Millennials are already impacting the consumer market in ways
I never imagined. Think about it, if I had approached you 10 years ago discussing the sharing economy and companies like Uber and Lyft, what would have been your response? Well, we are facing a new millennial-fueled shift, challenging traditional knowledge of the housing market.
Since 2005, I’ve watched as American households have increasingly sought rental options, with over 9 million new residents choosing to rent, the largest gain in the rental market since the 1960s. While many thought, it hit its peak during the 2008 financial crisis, it appears the trend will likely continue. Even though the Dow Jones Industrial Average has exceeded 21,000 and joblessness is under 5 percent, the number of rental properties is still increasing.
You may be asking yourself why.
Dispelling the myth of the millennial
There are many factors, but one prevailing trend is that a large percentage of millennials are now entering the workforce and starting families. Over 10 percent of the rental boom can be attributed to millennials, and less than half of the generation has yet to enter the workforce.
Although this generation is one of the most educated group in our country’s history, they are more likely to rent than own. It’s not that millennials are frivolously spending their hard-earned money, rather the cost of home ownership is growing faster than median salaries, preventing many millennials from purchasing a home. Also, this generation is the most indebted, with many students leaving university with tens-of-thousands of dollars in student loans.
With this debt in mind, an increasing number of young professionals are seeking affordable options that will still allow them to maintain a comfortable lifestyle after rent and student loan payments.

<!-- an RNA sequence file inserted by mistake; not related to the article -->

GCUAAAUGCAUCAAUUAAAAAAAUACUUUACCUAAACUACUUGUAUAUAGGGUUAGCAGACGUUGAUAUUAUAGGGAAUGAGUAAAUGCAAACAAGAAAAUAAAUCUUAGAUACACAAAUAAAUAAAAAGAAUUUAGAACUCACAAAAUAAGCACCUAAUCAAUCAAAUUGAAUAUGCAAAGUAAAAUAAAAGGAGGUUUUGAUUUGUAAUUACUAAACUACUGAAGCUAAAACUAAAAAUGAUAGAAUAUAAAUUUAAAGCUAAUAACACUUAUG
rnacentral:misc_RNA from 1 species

Multi-family housing development has increased sharply in the last five years. Behind the scenes though, there has been a subtler change. An increasing number of single-family homes are being rented out in older suburban neighborhoods at a much lower cost. As these young professionals flock to single-family rentals, they are changing the market potential for retailers.
Typically, the cost of renting in older suburban neighborhoods is substantially less than home ownership, averaging close to $1,030 a month. This lower cost to enter these rentals, mixed with the limited liability, means that millennials have money left over from rent and student loan payments to put into the local economy.
As this trend continues over the next decade, developers must seize the opportunity to establish a presence in the right area.
Who’s your neighbor?
Accurately modeling and predicting the impact of renters on an area is not as difficult as it first seems. Using geographic information systems (GIS), developers across the country are creating personas to effectively analyze and predict the behaviors of local consumers. This practical insight enables these professionals to understand their neighborhoods and make more profitable investments.
In growing neighborhoods across the country, young, tech-savvy investors are moving into single-family homes on the edge of the city limits. This particular group of young professionals can be found in the “Emerald City” segment in Esri’s Tapestry data, which combines demographics, socioeconomic indicators, and consumer behavior patterns to provide practical insight into a neighborhood’s residents.
There are nearly 1.7 million Emerald City households in the U.S. today, many of whom are millennials. Over half of these residents are renting in low-density neighborhoods. This segment typically spends more on items that they perceive to be higher quality. Emerald City millennials purchase organic foods and are more likely to get their groceries at stores like Trader Joes, Wholes Foods, and Clarks Nutrition. They are environmentally conscious and engage in healthier lifestyles.
What makes this segment so unique is that unlike the common perception of millennials living in downtown apartments, like the premise of TV shows like Friends, Emerald City segment is primarily found in older neighborhoods outside of major cities. Since many of these millennials are starting families, it appears that they aren’t going anywhere.
If you build it…
Professionals in both real estate and retail must challenge the common perception of the millennial, investing in projects that will meet future demands. Using geographic information system software like Business Analyst, developers can accurately map and forecast what suburban areas will have the highest growth rate of Emerald City millennials. By understanding this rapidly growing segment, developers and retailers can strategically position themselves to grow their businesses.